The first, HerBlends of Plenty, has been joining us faithfully month after month since late 2014, every month treating us to delicious, locally-sourced tea. We look forward to having them with us every third Thursday, especially this month where they joined us to present their idea for an accessible and affordable farm-to-table community kitchen and tea house on Lansing’s Eastside. The night of SoupGrant, they also announced the location for their new brick-and-mortar establishment: Avenue Cafe at 2021 Michigan Ave.
Our second contender was Team Playmakers from St. Vincent Catholic Charities. This group of volunteers works with foster children in need of support and stability in their lives as well as a healthy, physical outlet. As Ann shared with us, what the kids at St. Vincent need more than anything is the constancy of a reliable adult presence in their lives. Everyone, I think, was deeply impressed by the stories of kids who have gone from exhibiting indifference or resistance to the running program to enthusiastic participation as they see their mentors return faithfully week after week.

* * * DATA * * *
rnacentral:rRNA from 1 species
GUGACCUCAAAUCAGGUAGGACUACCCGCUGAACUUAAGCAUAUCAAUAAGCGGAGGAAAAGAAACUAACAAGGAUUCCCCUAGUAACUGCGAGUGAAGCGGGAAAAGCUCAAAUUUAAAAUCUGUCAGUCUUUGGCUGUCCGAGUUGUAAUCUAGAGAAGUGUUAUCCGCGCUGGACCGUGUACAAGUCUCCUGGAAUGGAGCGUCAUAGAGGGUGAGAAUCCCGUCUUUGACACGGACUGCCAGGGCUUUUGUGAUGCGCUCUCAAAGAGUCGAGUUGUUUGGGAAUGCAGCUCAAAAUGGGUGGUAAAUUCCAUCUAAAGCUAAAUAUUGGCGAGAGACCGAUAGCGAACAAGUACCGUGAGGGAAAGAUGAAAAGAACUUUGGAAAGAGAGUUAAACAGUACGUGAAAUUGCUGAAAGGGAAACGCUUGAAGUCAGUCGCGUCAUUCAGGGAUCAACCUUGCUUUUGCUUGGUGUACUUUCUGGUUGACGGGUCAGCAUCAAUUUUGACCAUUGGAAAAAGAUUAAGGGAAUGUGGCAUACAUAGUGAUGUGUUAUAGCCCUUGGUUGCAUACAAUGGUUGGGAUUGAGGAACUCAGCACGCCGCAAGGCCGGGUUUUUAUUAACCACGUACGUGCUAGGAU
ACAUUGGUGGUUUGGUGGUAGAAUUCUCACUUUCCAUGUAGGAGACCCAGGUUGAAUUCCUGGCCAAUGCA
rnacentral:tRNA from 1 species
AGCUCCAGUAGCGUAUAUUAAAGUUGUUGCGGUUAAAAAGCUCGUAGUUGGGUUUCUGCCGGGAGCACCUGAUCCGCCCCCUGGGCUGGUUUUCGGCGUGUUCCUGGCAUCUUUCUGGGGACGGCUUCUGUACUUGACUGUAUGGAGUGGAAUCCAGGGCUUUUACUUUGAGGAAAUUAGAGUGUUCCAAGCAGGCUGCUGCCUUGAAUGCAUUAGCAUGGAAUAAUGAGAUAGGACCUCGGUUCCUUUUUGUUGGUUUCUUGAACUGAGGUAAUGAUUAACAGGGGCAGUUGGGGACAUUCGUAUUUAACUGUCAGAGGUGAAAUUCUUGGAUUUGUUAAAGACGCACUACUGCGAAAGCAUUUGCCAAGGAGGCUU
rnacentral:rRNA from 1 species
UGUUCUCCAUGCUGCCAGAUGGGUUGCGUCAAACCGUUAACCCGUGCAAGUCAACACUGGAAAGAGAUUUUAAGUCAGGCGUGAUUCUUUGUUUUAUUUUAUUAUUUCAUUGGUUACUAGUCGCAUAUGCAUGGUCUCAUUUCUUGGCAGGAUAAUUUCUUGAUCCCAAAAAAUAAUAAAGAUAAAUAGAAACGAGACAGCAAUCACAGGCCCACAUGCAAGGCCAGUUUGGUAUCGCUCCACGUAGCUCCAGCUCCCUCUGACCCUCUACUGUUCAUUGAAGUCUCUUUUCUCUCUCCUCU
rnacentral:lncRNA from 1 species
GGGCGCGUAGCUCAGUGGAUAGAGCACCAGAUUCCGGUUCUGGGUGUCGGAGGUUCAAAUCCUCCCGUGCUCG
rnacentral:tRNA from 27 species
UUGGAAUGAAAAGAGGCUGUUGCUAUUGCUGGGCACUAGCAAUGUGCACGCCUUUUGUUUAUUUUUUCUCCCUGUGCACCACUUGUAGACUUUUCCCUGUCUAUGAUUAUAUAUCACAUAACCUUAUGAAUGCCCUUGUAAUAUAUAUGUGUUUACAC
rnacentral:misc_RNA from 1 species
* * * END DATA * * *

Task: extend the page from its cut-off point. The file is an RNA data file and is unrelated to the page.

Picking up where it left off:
Those who have been to SoupGrant before know just how hard it is to have two great presentations on the same night and to be forced to choose which one to support. (I myself never vote because it’s just too hard to make up my mind!) Unfortunately, everyone gets only one vote, and only one can win. Maybe Kirk (from HerBlends) encouraging everyone to vote for Team Playmakers made the decision a little easier this month.
In the end, Team Playmakers won your votes and, in doing so, your generous donations totaling $152. Team Playmakers will be able to use this money to pay for registration fees, training clothes, and program incentives for the kids. You can find more info about them here.
If you would like to support HerBlends of Plenty, be sure to like them on Facebook and follow the developments as they launch their crowd-funding campaign. Having an affordable, farm-to-table option sounds like a great addition to Lansing’s Eastside and we can’t wait for them to open their doors!
Finally, we got to welcome the Clinton County FFA back this month. We were thrilled to not only hear about how business has been going for them since they won SoupGrant last October, we also got to see the fruit of their dedication as they followed through on their promise to collect donations for the Lansing Area AIDS Network pantry, a pledge they made after beating out LAAN to win that month’s SoupGrant.